By Javier Manjarres
With the recent news that Adam Hasner has dropped out of the Republican U.S. Senate primary race in Florida, the field of candidates narrows, leaving two men standing. The focus will be primarily on Congressman Connie Mack as the frontrunner and presumptive nominee.
Former Senator George LeMieux has been running a distant second to Mack, but after this week, the gap between the two candidates will likely widen, as Governor Mitt Romney has had Mack stumping for him around the state. Romney has introduced Mack as “The next Senator for the state of Florida.” Not exactly an endorsement, but the statement weighs just as heavy, as Romney is now the presumptive Presidential nominee and will command considerable influence and campaign dollars.
Probably the biggest liability that LeMieux has been trying to overcome is his past relationship with Governor Charlie Crist. LeMieux is known as “The Maestro” of Governor Crist’s past campaigns, and has even referred to himself as a “Charlie Crist Republican.” The problem with that characterization is that Crist stabbed the GOP in the back and ran as an Independent against Senator Marco Rubio in the 2010 general election, and he even said that he would consider voting for President Barack Obama over the Republican Presidential nominee.
This would be expected from the the #1 political chameleon of our time, but for LeMieux, it keeps reminding Republican activists about the Charlie Crist/George LeMieux connection. It is known that LeMieux was Crist’s top guy for awhile, even after Crist embraced the now failed $787 Billion Obama Stimulus Act of 2009. Remember that LeMieux did vote pretty conservatively during his 16 month stint in the U.S. Senate.
But even as LeMieux was Crist’s best buddy, Congressman Connie Mack was also tied at the hip to Charlie Crist during the 2010 election cycle, as he endorsed Crist over Rubio, and accepted the position of state chairmanship for the Charlie Crist for Senate campaign. Mack was one of the first to side with Crist, even after Crist campaigned with President Obama ahead of the vote on the stimulus act, and continued supporting him until he turned Independent. Word on the street is that Connie Mack supported Charlie Crist primarily because of a long family history between his Dad, Connie Mack III and the former Governor of Florida. Redstate’s Erick Erickson said of Mack, “his voting record in the House was conservative, (but) he never proved himself to be a guy willing to stand up to leadership and actually fight.”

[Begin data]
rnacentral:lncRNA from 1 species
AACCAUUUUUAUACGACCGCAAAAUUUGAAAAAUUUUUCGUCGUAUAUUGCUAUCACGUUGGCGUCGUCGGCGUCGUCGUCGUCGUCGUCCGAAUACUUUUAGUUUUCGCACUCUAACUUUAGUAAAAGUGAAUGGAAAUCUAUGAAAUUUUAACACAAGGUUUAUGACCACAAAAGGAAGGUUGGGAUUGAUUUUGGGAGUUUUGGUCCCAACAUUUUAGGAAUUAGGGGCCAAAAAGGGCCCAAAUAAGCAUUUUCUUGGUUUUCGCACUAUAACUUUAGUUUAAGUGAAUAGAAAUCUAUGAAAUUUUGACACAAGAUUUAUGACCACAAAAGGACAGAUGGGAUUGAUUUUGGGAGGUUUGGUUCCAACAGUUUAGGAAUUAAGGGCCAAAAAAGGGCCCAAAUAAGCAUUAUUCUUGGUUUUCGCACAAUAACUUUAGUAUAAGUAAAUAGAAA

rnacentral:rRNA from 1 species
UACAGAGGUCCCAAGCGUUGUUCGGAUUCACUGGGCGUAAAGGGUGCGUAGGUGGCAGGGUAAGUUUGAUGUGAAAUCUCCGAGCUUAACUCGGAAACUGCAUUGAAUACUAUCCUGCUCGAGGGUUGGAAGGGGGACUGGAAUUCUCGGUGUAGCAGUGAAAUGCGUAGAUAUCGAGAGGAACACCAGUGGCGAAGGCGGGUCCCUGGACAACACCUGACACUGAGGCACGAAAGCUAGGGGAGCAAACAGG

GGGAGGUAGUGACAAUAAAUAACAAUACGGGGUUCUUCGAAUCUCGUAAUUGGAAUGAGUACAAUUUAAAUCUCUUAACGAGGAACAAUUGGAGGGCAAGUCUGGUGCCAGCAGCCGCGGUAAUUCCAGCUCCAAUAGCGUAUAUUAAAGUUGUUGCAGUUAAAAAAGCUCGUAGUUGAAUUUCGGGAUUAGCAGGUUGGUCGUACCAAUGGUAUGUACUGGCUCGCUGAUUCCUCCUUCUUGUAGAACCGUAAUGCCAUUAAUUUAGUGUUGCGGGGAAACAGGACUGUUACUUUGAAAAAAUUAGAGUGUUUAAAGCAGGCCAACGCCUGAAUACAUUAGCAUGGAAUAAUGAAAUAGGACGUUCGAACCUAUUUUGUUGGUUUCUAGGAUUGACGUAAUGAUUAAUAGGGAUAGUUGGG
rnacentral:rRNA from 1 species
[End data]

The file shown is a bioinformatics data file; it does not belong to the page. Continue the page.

Conservative Radio Show host Mark Levin has also been outspoken against Mack, referring to him as a “moderate” Republican.
One of Mack’s biggest issues is the perception that he spends little time in his congressional district. Mack’s wife is Congresswoman Mary Bono Mack from California, and because he is not seen as much around his Florida District, the assumption is that he is making his primary residence in sunny California.
Disgruntled constituents also feel that Mack has taken a ‘safe’ approach to politics by not injected himself into some of the more pressing and visible issues that have been covered in the media. Mack, who lists on his website that he is a Catholic, has also drawn the ire of pro-life conservatives with his multiple votes backing tax payer funded human embryo destruction (ESCR), including a vote to override a veto from President George W. Bush to defend human life.
But given the negative public perception that both candidates have regarding their ties to Charlie Crist, does this issue make room for a more conservative and less compromised Republican candidate for the U.S. Senate?
Many of these conservatives are saying that Romney’s recent appearances with Connie Mack at his Presidential campaign events were a turn off, thus making the case for the low level of support in the northern part of the state. Interestingly, Governor Mitt Romney squeaked past Speaker Newt Gingrich in some solidly conservative counties in northern Florida, narrowly winning Duval County-where in 2008, he handily beat Senator John McCain.
It’s likely that conservative activists across the state will continue to voice their disapproval towards both of these candidates, and they are hoping that a conservative replacement for Adam Hasner will soon enter the race. Will either Connie Mack or George LeMieux reach out to the conservative base in time to shore up their support? For all intents and purposes, this Senate race may be far from over.